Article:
There are, however, problems inherent to using economic theory as the tool for water conflict analysis - problems that can lead to weaknesses in the economic solutions prescribed. For one, water is not a pure economic good. Options to the consumer of most goods include migrating to where it is cheaper or abstaining from it altogether if the price is too high. Given small countries with contentious borders, migration to water sources is not a viable alternative, nor, for more obvious biological reasons, is abstaining. Presumably, however, the analysis is restricted to water for agriculture, where there is ample room for reducing demand before running into such limits.
Another problem with economic analysis is more serious because it has to do with a force much more fundamental than economic theory - that is, the emotions of a nation. As mentioned earlier, all of the countries in the area were built from the farm up, and the agriculturalist, whether the fellah or the kibbutznik, holds a special mystique on both sides of the Jordan. Both Arabic and Hebrew ideologies are rife with slogans of "making the desert bloom" and "nations rooted in their land." In this context, water invariably becomes the "life blood" of a nation. One result of this has been a certain leeway granted to agriculture in the area, both political, as noted previously, and economic.
One striking example of water "diseconomy" is the case of Israeli settlements on the Golan Heights. The 24, mostly agricultural, settlements of the Golan have a population of about 3,500. In 1980, approximately 80 per cent of the 50 MCM/yr used by these settlements was pumped up from Lake Kinneret - a height differential of 600 m (Davis et al. 1980, 27; Inbar and Maos 1984, 22). Each cubic metre of water weighs a metric ton. Were the settlers to include the costs of the energy required to lift that much water that high, their crops could not possibly be competitive in the market-place. But settlements on the Golan Heights are viewed as more than a source of agricultural production: as mentioned earlier, they are also outposts, the presence of which creates a kind of first line of defence against the Syrians, whom many Israelis view as the likely antagonist in an ensuing war.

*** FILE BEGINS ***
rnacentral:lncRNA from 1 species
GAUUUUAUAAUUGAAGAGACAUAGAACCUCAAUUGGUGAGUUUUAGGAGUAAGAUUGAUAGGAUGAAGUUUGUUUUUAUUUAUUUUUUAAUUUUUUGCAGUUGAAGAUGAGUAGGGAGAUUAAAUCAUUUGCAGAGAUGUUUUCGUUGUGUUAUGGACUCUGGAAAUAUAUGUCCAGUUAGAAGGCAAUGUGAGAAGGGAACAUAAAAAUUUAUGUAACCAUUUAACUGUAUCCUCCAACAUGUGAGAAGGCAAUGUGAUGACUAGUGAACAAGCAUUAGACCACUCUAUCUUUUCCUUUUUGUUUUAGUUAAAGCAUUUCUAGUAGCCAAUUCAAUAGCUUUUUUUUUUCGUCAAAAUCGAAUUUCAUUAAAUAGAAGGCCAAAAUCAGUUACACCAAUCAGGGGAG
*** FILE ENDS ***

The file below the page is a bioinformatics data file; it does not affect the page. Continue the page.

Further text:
This perceived connection between settlements and security holds true throughout the country. As Frey and Naff (1985) write,
Israeli agriculture is not merely an ordinary economic sector. It is linked to the crucial matter of settlements, and settlements are linked to defense and national security.
This, then, is what makes Golan cotton competitive in the eyes of the nation.
Overlooking this fundamental aspect of a "national water ethic" of any of the countries involved, can occasionally confound an economist, especially one from outside the region. Cal Burwell, once the Director of Research for the proposed Agro-lndustrial Complex, mentioned recently that "Some of what's valuable to the folks over there just doesn't fit into what our folks would call 'good economics"' (interview, February 1990).
The economist increasingly recognizes the sometimes overpowering noneconomic values that water users occasionally attribute to their water. These might include (from Wolf 1992a):
This last represents a departure from historic economic arguments in the Middle East. In Israel, for example, water has been subsidized for years as a means of promoting population dispersion and food security. These subsidies have dwindled somewhat in recent years, as the Ministry of Agriculture has accepted more of a market approach. Lately, however, as the population soars with natural growth and extensive immigration, the suggestion has been made to increase subsidies once again as a way to keep open space among the extensive developments (interview, Martin Sherman, November 1991).
Additional factors often convolute the possibility for a traditional economic analysis, particularly in an international setting. Some of these possible political and institutional constraints to economic cooperation are as follows:
Even while recognizing its limits, one can still use economic analy sis as a useful tool to provide some guidelines to increase hydrologic efficiency. It has been suggested that following these guidelines can be especially crucial, particularly as water limits begin to be reached:
Whereas diseconomies dictated by ideology could be tolerated under condi tions of conventional water sufficiency, they cannot continue indefinitely, especially with regard to investments under conditions of system's short age. (Galnoor 1987)